View of Wall Street in New York. A year ago, the financial system appeared to be on the brink of a meltdown and the future of American-style capitalism in doubt. Source: AFP

View of Wall Street in New York. A year ago, the financial system appeared to be on the brink of a meltdown and the future of American-style capitalism in doubt. Source: AFP

HONG KONG: Asian stock markets rose Monday, following Wall Street higher after the pace of job losses eased in the world's largest economy.
Benchmarks in Japan, Hong Kong and China added more than 1 percent, while oil prices were little changed above $68 a barrel. The dollar gained against the yen.
Friday's U.S. government report showed companies cut 216,000 jobs last month, which was less dismal than expected and encouraged investor hopes of a turnaround in the labor market. The figure seemed to eclipse the ugly news that U.S. unemployment, despite fewer job losses, hit 9.7 percent its highest since 1983.
Also buoying sentiment were policy changes in China that would allow foreign investors to sink more money into the mainland's stock markets, as well as a pledge by the Group of 20 finance ministers to maintain stimulus measures to prop up the global economy.
"We're turning a little more positive, partly because we had a correction for a month," said Linus Yip, a strategist at First Shanghai Securities in Hong Kong. "The U.S. report also helps support a belief that that we're bottoming out and entering a recovery mode, at least for now."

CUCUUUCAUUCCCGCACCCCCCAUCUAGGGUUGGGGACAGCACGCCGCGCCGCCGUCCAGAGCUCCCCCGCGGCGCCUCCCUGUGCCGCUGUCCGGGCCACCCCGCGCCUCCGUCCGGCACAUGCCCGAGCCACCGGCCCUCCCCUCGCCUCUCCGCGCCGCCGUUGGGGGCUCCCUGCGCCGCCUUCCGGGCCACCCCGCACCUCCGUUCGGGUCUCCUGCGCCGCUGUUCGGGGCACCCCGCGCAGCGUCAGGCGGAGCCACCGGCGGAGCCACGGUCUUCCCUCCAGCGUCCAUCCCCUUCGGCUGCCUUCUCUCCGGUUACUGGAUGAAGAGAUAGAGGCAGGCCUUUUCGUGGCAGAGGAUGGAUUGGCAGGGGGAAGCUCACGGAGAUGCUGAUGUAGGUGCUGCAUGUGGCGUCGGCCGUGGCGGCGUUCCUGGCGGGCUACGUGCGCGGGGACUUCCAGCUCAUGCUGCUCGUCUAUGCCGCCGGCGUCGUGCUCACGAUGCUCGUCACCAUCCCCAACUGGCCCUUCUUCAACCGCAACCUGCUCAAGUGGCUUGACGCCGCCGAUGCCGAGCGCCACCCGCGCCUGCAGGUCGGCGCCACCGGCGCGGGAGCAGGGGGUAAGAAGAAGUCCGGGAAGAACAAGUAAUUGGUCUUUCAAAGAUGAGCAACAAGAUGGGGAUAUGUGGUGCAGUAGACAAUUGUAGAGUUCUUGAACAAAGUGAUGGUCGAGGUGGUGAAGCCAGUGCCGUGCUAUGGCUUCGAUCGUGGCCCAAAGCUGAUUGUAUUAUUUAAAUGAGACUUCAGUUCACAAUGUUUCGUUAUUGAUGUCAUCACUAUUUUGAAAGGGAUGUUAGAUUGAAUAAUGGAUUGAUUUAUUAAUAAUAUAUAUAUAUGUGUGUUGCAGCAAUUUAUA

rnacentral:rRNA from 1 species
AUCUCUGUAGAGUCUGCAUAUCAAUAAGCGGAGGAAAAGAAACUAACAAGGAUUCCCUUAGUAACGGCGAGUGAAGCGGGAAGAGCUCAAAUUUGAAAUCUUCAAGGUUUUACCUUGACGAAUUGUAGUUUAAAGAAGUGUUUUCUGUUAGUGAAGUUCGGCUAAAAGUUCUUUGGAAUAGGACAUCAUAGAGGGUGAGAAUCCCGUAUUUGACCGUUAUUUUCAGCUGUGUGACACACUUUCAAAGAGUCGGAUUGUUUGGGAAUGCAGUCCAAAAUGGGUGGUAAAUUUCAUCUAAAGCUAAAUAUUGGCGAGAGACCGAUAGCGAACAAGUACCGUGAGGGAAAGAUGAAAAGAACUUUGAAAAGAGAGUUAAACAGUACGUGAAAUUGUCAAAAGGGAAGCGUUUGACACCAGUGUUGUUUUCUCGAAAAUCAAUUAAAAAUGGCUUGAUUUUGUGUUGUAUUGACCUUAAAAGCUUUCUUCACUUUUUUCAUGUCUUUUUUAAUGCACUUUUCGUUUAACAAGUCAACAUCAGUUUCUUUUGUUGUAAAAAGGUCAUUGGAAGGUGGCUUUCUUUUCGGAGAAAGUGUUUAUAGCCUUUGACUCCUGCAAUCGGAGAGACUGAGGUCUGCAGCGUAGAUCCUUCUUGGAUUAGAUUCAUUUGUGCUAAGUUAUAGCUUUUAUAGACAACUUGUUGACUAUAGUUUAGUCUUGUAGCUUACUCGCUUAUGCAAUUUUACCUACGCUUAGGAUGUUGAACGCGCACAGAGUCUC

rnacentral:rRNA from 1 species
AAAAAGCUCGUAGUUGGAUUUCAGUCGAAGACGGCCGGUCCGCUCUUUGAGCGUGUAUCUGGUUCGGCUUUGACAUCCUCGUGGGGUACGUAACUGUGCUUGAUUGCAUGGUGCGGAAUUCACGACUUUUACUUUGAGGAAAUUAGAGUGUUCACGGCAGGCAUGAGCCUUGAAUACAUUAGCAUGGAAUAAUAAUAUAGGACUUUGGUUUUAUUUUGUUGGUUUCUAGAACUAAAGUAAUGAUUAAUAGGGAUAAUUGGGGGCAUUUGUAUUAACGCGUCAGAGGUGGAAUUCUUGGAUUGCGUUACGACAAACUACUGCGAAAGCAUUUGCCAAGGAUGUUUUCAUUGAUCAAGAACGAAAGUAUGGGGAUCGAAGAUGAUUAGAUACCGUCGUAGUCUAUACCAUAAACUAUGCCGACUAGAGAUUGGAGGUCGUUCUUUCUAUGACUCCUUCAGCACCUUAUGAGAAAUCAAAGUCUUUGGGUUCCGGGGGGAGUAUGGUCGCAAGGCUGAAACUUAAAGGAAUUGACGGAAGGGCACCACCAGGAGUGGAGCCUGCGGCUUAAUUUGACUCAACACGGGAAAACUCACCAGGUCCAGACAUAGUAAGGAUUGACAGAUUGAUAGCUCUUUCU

Japan's Nikkei 225 stock average added 108.68, or 1.1 percent, to 10,295.79.
In Hong Kong, the Hang Seng was up 1.4 percent at 20,606.70. Shanghai's main benchmark gained 1.6 percent to 2,907.50.
Australia's index edged up 0.3 percent, Taiwan's market was 0.8 percent higher and Indonesia's benchmark rose 0.4 percent. Markets in Korea and Singapore were little changed.
Friday in the U.S., investors eventually shrugged off news about worsening unemployment and focused on the slower pace of job cuts.
In quite pre-holiday trade, the Dow rose 96.66, or 1 percent, to 9,441.27.
The Standard & Poor's 500 index rose 13.16, or 1.3 percent, to 1,016.40, while the Nasdaq composite index added 35.58, or 1.8 percent, to 2,018.78.
Wall Street is closed Monday for a public holiday and will reopen on Tuesday.
Oil prices were up slightly in Asian trade, with benchmark crude for October delivery up 18 cents at $68.20, as investors looked to this week's OPEC meeting for a possible change in the cartel's production. The contract Friday rose 6 cents to settle at $68.02.
The dollar strengthened to 93.15 yen from 92.95 yen. The euro rose to $1.4334 from $1.4309.